Career, Communication, Developing Others, Emotional Inteligence, Personal & Professional Development

The Things I Didnt Know(That I Didnt Know)

3Bright , Smart , Educated , Articulate, Confident  and Intelligent (IQ). Have any of these attributes been used to describe you? I’m pretty sure they have. And whether  you might have developed any of these traits throughout  all your years of schooling  or your gene pool, these should make you pretty awesome or augur well for your success. After all, aren’t these the traits we admire in others or  believe could  place us in pretty good stead, to achieve success in whatever  our sphere of endeavor? Perhaps or Perhaps Not.

Why Not? Simply because, none of these attributes,  not even your IQ,  means that  you are, or will be  emotionally intelligent.  According to Wikipedia, Emotional Intelligence or (EI or EQ) speaks  to one’s ability to identify, assess and control the emotions of one’s self, of others and groups. Therefore , we can logically conclude that emotional intelligence is  a currency  in heavy demand – a skill/competence/trait  that each individual must have to be successful in the dynamic environments in  which we live, work or play.

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The importance of EQ as a trait/skill today  is  evidenced in:

  • The emphasis  organizations place on soft skills training and development  to minimize conflict in the workplace, build synergy among team members and equip managers and  leaders  to effectively execute their roles.
  • The popularity of team work, customer service, interpersonal and communication skills as  measures of performance during the appraisal process.
  • The many self-help  books written and sold on personal and professional development, leadership and management ,and last but not least-
  • The frequency with which friends, pastors, counselors are called upon to provide guidance  on  simple and complex issues that people encounter, whether they be married, single or dating.

imagesCALDSRT3How then,  is all of this related to the title of this post-What I  Didn’t Know (That I Didn’t Know). You see, I always knew I was intelligent.  I had been told this all my life, long before I even truly  understood what it meant . What I didn’t know is that, being intelligent  did not guarantee  or equate to  being emotionally intelligent. Far from it. Sure I had read about the concept (haven’t you?), heard it banded  about leaders and managers in conferences  and meetings,  but I still didn’t get it . In fact, a brief review of my earlier post will provide some insights on some of my earlier challenges.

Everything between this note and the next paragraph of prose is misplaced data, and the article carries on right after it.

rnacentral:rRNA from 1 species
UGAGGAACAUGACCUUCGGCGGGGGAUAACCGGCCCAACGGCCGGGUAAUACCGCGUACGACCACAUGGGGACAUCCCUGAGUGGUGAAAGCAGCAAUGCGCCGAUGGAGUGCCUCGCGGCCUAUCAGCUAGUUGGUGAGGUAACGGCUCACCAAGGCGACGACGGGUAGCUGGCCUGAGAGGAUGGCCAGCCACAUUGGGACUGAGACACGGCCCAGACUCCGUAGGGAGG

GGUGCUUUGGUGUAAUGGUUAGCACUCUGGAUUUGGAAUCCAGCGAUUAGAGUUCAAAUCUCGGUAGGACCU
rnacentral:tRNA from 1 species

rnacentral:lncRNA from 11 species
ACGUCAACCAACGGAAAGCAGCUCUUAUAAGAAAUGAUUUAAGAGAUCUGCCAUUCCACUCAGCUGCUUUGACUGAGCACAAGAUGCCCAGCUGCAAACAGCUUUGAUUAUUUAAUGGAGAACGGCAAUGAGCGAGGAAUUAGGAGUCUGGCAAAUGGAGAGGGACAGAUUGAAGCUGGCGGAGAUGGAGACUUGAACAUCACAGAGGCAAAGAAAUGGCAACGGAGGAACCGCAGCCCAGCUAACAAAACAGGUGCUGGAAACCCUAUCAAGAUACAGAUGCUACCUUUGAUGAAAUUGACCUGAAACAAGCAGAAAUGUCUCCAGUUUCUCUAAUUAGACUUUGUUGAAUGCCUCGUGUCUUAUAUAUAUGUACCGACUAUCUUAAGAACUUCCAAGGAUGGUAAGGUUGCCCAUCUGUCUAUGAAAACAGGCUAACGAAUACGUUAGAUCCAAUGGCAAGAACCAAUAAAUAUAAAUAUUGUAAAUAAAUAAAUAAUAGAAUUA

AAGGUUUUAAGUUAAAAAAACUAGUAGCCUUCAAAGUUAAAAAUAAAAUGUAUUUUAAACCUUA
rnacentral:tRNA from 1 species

The first hint I got,  about my emotional intelligence quotient  came quite  unintentionally. I had participated in a  leadership development workshop along with the  other members of the management team at my former company.  The facilitator for the session had  asked us not to sit with  our  friends, or the persons on our work teams. Instead, we were to  sit with person(s)  with whom we didn’t often interact. So, I resisted the urge to go sit with my  familiar faces, and sat with a member of our executive management team. In one of the activities we did, we were asked to reflect on ourselves, and identify the experiences that had shaped our lives and personalities. After which, we were to share our reflections with our  learning partner. It was an activity designed to help participants understand more about themselves,  and also help them to understand each other and the many ways we were all similar. For often times, we see and relate to our colleagues on the basis  of what they do (job title) or  in terms of working relationships . So in the true spirit of learning and active participation, I completed the exercise and we shared . This went well. But what got me , was when she  shared with me that she now understood  me a little differently . When I enquired what she meant, she related that she had always thought me to be arrogant.